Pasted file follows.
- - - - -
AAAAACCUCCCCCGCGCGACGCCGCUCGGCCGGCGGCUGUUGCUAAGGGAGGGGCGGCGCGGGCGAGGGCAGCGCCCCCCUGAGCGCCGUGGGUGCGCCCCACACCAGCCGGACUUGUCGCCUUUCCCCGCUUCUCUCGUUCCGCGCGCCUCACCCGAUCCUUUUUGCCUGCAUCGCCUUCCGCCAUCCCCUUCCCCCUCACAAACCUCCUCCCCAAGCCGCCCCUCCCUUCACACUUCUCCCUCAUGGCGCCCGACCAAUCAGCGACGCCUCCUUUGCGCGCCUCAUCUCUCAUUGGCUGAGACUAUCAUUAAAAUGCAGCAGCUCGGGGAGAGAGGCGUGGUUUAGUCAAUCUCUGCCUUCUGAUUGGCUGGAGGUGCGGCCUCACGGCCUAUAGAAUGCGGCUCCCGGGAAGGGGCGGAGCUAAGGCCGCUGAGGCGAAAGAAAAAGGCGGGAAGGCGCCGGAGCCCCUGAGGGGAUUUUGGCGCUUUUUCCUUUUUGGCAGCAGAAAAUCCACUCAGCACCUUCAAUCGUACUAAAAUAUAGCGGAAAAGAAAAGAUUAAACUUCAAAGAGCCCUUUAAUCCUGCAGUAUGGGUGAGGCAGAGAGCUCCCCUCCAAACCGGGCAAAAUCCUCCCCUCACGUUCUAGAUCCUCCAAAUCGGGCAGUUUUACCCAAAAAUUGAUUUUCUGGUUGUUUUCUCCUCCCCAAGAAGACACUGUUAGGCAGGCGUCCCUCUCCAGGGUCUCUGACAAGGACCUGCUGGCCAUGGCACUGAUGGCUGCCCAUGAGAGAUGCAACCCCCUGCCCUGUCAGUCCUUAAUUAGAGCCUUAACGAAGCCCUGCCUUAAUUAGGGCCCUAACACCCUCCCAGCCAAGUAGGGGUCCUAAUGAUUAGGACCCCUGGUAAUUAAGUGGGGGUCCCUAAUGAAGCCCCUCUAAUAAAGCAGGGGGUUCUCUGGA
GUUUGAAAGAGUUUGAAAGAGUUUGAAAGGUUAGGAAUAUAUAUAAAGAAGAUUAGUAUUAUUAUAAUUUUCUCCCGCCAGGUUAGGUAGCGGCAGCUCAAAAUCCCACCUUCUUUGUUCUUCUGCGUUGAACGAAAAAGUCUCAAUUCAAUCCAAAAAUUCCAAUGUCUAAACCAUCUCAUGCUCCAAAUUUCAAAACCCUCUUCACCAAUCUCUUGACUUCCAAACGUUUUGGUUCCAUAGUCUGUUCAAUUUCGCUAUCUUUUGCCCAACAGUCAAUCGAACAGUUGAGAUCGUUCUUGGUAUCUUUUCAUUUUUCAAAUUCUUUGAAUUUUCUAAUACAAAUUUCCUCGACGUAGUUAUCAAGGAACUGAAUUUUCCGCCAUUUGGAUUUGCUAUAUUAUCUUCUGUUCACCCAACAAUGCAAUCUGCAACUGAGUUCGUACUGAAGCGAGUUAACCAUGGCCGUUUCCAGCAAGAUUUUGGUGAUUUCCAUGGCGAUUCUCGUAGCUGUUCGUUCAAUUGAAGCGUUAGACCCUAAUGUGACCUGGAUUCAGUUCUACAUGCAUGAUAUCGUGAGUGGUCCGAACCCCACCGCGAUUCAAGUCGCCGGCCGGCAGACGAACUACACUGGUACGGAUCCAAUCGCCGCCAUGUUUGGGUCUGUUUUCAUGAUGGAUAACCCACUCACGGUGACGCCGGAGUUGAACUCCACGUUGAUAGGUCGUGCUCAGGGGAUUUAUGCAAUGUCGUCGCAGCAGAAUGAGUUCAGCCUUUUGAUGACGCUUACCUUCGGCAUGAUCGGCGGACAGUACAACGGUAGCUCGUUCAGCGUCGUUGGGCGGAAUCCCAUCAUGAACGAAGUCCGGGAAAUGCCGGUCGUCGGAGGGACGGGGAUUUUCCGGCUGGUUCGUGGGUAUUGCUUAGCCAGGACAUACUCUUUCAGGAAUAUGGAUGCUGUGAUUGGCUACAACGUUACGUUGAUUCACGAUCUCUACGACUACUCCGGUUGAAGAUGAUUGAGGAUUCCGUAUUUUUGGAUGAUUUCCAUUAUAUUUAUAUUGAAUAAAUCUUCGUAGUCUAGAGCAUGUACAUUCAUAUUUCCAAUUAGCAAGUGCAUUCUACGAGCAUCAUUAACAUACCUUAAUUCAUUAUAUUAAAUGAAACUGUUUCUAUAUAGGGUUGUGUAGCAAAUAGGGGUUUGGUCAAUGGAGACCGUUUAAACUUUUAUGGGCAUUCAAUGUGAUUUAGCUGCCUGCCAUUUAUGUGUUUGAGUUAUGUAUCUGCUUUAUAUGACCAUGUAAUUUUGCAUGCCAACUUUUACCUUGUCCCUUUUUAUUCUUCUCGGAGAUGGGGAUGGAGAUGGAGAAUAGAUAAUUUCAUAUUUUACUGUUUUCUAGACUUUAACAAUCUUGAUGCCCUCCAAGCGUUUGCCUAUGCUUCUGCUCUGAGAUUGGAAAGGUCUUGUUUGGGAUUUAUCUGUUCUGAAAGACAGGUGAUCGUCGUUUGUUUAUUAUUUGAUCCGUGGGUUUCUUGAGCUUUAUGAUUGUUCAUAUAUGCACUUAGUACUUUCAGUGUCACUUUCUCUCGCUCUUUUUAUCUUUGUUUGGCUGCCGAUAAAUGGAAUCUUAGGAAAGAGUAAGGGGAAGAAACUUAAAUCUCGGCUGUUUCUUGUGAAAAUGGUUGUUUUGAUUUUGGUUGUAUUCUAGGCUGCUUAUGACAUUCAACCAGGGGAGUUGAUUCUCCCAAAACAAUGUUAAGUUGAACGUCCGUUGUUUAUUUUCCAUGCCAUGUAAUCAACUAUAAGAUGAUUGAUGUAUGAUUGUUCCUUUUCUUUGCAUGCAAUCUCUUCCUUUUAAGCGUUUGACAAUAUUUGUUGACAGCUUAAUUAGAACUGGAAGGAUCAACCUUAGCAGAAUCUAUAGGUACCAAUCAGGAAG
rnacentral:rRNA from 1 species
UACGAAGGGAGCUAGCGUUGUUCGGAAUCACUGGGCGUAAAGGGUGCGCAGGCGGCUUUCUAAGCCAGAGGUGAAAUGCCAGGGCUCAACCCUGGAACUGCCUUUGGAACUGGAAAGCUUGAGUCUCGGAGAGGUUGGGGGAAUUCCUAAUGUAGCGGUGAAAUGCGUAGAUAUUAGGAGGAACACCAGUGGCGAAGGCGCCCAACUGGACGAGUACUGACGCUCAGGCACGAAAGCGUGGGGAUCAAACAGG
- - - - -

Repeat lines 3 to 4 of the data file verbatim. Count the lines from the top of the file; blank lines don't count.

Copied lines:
rnacentral:rRNA from 1 species
UACGAAGGGAGCUAGCGUUGUUCGGAAUCACUGGGCGUAAAGGGUGCGCAGGCGGCUUUCUAAGCCAGAGGUGAAAUGCCAGGGCUCAACCCUGGAACUGCCUUUGGAACUGGAAAGCUUGAGUCUCGGAGAGGUUGGGGGAAUUCCUAAUGUAGCGGUGAAAUGCGUAGAUAUUAGGAGGAACACCAGUGGCGAAGGCGCCCAACUGGACGAGUACUGACGCUCAGGCACGAAAGCGUGGGGAUCAAACAGG